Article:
DP decides to go back to Assembly, skip MB summit

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DP decides to go back to Assembly, skip MB summit


Sohn Hak-kyu

Democratic Party lawmakers decided yesterday to return to the National Assembly to end the political deadlock that has frozen legislative activity, while the party’s chairman rejected President Lee Myung-bak’s invitation for a face-to-face meeting, calling the offer “insincere.”

The Blue House yesterday criticized the Democrats for skipping the summit that was supposed to smooth out relations between the two sides. The parties had squabbled for days on when the meeting would be held.

In an urgently called press conference yesterday, DP Chairman Sohn Hak-kyu attacked Lee for “turning a blind eye and a deaf ear to the people’s hardships,” adding that he has no more expectations from the president.

“The Lee administration is reluctant to talk with the opposition parties,” Sohn said. “I am not sure what he is so afraid about. Is it really that hard to apologize for having railroaded bills at the National Assembly?”

Last week, the Democratic Party said a precondition for the meeting was an apology from Lee for the GNP’s ramming through of last year’s budget on Dec. 8 in the National Assembly.

“We will return to the National Assembly,” Sohn said. The main intention, he said, would be to challenge the policies of the Lee administration, which he called “anti-working class.”

The Democrats said their main priorities in a special assembly session would be to stop the foot-and-mouth disease outbreaks and determine who was responsible for the crisis; ease inter-Korean tensions; challenge the plan to deploy troops to the United Arab Emirates; fight against the Korea-U.S. free trade agreement; and come up with measures to ameliorate the “livelihood crisis,” including skyrocketing sovereign and household debt as well as rising rents.

DP’s floor leader, Park Jie-won, also held a press conference confirming the party’s decision to return to the legislature. Park said he would talk to his GNP counterparts to come up with a legislative timetable.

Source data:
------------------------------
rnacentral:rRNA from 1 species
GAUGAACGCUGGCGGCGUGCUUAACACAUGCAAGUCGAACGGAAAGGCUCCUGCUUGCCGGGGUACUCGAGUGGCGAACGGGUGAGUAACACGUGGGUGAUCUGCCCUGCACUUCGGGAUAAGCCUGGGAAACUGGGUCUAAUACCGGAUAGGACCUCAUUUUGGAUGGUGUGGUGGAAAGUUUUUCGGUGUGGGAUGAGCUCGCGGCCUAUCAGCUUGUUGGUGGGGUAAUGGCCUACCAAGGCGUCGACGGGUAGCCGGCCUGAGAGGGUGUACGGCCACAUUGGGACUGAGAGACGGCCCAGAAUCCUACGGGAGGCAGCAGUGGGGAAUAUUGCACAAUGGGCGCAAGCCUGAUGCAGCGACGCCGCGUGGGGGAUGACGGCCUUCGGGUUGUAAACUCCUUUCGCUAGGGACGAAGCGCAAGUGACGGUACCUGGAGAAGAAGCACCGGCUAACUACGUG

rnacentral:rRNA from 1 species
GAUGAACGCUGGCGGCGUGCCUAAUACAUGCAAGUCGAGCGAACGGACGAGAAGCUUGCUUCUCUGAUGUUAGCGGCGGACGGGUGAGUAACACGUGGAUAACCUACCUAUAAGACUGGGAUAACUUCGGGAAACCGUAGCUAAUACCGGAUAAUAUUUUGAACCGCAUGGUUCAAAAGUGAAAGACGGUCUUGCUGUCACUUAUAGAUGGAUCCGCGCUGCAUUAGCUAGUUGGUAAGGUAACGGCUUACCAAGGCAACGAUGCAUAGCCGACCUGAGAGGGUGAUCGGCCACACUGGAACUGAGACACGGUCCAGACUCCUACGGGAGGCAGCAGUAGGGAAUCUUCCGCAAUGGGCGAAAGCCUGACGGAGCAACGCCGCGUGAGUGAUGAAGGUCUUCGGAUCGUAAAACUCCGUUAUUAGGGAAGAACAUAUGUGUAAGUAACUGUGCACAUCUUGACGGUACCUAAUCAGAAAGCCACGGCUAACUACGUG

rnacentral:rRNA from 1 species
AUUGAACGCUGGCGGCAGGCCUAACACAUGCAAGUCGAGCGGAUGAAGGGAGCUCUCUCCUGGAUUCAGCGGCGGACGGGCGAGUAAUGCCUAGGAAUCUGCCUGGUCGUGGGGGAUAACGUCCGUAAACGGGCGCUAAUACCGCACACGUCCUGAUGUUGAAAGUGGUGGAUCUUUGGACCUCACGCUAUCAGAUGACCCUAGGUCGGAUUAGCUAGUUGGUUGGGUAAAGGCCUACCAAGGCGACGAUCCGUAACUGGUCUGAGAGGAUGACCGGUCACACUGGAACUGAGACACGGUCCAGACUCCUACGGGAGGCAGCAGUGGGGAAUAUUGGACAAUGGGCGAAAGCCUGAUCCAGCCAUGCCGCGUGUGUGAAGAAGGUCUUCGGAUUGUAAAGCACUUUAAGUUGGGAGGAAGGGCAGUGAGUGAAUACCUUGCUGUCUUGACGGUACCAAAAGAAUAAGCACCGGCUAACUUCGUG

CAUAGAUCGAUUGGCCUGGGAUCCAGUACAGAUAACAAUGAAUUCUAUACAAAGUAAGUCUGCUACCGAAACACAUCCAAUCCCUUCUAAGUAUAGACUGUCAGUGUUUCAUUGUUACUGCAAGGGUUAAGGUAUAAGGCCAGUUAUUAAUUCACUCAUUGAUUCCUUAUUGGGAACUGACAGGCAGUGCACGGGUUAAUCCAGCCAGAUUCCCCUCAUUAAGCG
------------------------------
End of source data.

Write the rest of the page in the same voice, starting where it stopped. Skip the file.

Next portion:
After Sohn’s press conference, the Blue House issued a statement criticizing him for linking the summit with the resumption of legislative activity.

“The opposition party’s return to the legislature is not a subject for political negotiation,” a senior presidential official said. “It is a duty of a responsible political party.”

Another Blue House official also said it was inappropriate for Sohn to attach political conditions to the summit, adding that the presidential office has worked to arrange the meeting since the end of last year, even before Lee made public his offer during a live television appearance on Feb. 1.

“The DP is responsible for sinking the summit plan by attaching preconditions such as the apology,” he said. “I told the DP that the budget bill incident can be brought up during the summit and the president wasn’t likely to defend it. But the DP insisted on making preconditions, destroying the situation.”

The Grand National Party yesterday said it welcomed the DP’s decision to return to the National Assembly, although it called it “belated.”

“While waiting for the DP’s return, the GNP has picked 72 urgent bills linked to people’s livelihood,” Ahn Sang-soo, the GNP chairman, said. “They include bills concerning education at grade schools, boosting employment for the disabled and housing subsidies. There are also other mounting issues such as stabilizing inflation and housing prices as well as the foot-and-mouth crisis.”

The conservative opposition Liberty Forward Party also criticized the DP for misleading the public.

“It is lawmakers’ duty to attend a National Assembly session, but the Democrats made the situation out as if they were making a great concession,” Park Sun-young, the party’s spokeswoman, said.

By Ser Myo-ja [myoja@joongang.co.kr]
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